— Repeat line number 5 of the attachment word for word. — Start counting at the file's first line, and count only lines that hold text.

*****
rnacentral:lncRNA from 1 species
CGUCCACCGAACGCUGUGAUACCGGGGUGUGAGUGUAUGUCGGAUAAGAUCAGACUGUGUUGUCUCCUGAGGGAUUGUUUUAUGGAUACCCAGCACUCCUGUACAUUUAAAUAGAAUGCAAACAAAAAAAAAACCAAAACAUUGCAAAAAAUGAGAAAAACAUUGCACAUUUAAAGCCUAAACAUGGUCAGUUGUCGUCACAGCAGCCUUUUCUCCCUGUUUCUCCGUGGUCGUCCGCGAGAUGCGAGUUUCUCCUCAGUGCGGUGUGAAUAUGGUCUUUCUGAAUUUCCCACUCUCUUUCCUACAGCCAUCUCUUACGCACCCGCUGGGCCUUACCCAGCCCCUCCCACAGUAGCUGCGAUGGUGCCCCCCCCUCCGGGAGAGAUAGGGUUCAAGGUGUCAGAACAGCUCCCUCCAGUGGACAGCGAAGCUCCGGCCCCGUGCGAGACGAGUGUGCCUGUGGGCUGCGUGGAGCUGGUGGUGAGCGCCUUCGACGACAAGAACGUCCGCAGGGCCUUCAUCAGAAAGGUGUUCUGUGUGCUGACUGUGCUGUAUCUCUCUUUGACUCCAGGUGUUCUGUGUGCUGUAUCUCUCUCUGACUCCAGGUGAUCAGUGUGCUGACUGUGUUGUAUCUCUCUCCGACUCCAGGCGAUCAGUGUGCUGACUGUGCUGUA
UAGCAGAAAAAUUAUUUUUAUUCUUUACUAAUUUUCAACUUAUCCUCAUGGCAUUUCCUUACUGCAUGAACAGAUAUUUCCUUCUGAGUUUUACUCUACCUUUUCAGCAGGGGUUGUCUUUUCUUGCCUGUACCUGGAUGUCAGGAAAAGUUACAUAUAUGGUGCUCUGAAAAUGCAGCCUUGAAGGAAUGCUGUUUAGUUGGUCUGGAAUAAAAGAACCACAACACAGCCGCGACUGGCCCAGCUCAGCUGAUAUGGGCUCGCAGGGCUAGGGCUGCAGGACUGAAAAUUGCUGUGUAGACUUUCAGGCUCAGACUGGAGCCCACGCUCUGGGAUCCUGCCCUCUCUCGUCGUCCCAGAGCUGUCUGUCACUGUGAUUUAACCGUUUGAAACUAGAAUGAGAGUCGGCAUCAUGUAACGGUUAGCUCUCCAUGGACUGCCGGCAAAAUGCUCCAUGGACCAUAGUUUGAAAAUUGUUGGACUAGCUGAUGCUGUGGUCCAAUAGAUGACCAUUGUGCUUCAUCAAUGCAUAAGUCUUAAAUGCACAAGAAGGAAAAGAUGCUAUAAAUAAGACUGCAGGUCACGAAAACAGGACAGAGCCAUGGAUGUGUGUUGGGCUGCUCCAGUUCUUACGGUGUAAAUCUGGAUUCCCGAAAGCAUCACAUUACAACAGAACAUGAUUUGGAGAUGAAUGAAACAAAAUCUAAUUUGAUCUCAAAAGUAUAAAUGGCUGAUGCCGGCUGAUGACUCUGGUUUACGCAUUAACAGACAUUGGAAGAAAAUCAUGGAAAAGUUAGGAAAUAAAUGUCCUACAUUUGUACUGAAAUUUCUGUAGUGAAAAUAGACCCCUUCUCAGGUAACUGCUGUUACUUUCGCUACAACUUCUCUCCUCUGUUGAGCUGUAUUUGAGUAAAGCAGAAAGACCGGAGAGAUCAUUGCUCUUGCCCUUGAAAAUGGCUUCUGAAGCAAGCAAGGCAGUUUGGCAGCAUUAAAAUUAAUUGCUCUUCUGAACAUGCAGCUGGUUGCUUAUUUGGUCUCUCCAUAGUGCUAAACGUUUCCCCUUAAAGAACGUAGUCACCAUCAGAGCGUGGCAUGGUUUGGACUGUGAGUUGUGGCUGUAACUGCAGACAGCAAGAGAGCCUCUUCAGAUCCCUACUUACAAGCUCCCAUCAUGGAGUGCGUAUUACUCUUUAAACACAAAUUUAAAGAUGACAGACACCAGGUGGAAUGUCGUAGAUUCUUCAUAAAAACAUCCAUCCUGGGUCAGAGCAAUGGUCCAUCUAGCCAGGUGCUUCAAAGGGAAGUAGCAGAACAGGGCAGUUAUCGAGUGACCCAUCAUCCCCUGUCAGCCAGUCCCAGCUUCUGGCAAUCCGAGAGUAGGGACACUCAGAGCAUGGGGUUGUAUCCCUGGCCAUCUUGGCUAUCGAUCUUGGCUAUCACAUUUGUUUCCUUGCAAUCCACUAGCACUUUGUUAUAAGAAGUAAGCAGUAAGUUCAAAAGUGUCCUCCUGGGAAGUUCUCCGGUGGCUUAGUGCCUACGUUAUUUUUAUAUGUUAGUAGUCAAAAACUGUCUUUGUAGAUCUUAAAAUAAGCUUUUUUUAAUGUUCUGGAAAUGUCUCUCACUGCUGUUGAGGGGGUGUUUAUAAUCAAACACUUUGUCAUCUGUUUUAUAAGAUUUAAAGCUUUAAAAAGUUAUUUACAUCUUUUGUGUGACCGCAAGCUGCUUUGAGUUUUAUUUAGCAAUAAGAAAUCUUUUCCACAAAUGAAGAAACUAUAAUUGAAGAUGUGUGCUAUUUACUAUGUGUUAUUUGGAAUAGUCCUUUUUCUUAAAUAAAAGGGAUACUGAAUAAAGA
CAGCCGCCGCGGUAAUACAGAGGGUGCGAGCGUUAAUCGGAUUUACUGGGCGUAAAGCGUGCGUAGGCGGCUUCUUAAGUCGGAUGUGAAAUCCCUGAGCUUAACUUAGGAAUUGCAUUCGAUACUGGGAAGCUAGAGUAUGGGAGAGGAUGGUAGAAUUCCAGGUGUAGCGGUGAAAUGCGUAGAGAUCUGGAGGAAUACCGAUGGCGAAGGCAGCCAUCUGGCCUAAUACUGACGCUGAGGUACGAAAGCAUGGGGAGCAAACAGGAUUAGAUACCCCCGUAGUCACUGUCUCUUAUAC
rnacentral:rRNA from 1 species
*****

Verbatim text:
rnacentral:rRNA from 1 species